• Response to Professor Marshall Cohen

    Hughes, Graham; New York University (1/1/1970)
    At trial, a civil disobedient may appeal to his reasonable belief in the unconstitutionality of the law that he violated. However, he cannot appeal to any technical difficulties that would require him to lie about his performance of the act in question, or about the role of his conscience in motivating his action.
  • A Response to Professor Scheffler’s Paper

    Archambault, Reginald D.; Brown University (1/1/1971)
    I find much of value in Professor Scheffler’s remarks. However, there is a problem facing teacher education that very fundamental, and it requires a more radical solution. The problem is a crisis of faith in our current system of education. This crisis compels the prospective teacher to consider the characterization, definition, and justification of any subject matter whatsoever.
  • Philosophy and the Curriculum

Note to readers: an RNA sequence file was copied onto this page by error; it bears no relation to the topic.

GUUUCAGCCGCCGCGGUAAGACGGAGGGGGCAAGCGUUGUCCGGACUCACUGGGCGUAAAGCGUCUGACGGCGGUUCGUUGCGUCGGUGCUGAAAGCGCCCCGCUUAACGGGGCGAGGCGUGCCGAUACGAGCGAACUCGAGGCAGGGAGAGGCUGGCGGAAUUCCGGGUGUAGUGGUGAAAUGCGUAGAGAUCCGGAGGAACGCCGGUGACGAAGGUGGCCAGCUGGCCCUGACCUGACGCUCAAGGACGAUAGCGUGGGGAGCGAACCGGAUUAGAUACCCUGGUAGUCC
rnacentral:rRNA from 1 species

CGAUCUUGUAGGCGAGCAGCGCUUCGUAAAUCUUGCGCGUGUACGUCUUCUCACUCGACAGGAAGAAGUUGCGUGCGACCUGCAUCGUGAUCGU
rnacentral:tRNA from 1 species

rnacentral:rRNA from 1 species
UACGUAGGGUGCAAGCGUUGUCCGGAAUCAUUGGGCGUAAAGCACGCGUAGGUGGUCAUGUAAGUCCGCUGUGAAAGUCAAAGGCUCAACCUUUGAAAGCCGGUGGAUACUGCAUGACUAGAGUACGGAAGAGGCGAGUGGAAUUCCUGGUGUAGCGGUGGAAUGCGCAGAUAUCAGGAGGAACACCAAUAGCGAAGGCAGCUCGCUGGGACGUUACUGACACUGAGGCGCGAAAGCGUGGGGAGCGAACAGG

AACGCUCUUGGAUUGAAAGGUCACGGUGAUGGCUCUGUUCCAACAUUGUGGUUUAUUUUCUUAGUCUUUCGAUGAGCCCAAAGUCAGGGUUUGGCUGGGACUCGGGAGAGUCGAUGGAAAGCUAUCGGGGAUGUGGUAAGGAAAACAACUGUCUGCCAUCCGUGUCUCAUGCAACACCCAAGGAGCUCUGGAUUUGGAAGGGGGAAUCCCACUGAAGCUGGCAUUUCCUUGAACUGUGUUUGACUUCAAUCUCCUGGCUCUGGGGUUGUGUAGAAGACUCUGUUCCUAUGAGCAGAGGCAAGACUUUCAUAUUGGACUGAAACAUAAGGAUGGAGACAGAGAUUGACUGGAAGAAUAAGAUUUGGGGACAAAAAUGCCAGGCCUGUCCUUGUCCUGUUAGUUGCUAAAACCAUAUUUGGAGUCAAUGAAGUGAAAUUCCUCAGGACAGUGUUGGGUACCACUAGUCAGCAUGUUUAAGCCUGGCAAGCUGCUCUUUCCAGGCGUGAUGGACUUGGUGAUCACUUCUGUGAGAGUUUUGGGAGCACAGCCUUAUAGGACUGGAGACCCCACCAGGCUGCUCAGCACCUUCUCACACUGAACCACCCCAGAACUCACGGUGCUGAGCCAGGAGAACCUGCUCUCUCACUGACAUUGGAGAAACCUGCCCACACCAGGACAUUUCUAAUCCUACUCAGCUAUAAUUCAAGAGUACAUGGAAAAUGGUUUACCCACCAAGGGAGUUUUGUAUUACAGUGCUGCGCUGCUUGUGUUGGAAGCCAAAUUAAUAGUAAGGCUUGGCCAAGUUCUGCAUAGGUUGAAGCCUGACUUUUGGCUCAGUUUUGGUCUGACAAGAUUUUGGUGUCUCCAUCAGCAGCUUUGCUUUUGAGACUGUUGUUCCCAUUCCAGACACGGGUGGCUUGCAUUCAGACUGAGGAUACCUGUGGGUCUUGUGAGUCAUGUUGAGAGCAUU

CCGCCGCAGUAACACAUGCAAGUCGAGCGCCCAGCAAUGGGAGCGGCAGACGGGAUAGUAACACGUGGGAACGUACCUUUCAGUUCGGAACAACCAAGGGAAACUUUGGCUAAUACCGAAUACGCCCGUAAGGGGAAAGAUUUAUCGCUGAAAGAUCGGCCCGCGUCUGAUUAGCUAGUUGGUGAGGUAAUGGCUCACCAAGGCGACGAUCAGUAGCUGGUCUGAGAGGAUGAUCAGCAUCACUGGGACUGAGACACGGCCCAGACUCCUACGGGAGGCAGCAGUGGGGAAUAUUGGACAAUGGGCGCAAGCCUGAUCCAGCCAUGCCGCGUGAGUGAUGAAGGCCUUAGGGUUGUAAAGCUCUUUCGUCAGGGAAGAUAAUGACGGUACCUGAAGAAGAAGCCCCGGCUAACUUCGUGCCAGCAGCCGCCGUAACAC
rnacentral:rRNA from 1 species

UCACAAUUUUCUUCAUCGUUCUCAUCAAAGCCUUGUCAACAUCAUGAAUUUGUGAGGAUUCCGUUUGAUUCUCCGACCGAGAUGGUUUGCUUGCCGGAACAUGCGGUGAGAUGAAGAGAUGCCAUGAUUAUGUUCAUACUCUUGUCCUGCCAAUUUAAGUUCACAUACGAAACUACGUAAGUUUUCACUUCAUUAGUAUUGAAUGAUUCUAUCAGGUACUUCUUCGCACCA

Scheffler, Israel; Harvard University (1/1/1971)
    There are many ways in which philosophy can contribute to the improvement of education. This paper proposes one particular contribution. Those who are studying to be teachers should be taught some of the philosophy that is related to the discipline that they will teach. There are four ways in which this can contribute to their education. First, it will give an analytical description of the forms of thought employed in their discipline. Second, it will provide some evaluation and criticism of those same forms of thought. Third, it will analyze some specific materials in such a way as to systematize them and illustrate these forms of thought. Fourth, it will provide an interpretation of these forms of thought that is accessible to the novice.
  • Ethical and Epistemic Dilemmas of Behaviorism and the Identity Thesis

    Stack, George J.; The College at Brockport (1/1/1971)
    Jerome Shaffer’s argument against behaviorism and the identity theory assume that the wrongness of causing pain is constituted entirely by that effect. However, the intrinsic wrongness of such actions lies in the intentions of the agent, not in the physical responses of the victim.
  • The Philosophy of Mind and Some Ethical Implications

    Shaffer, Jerome A.; University of Connecticut (1/1/1971)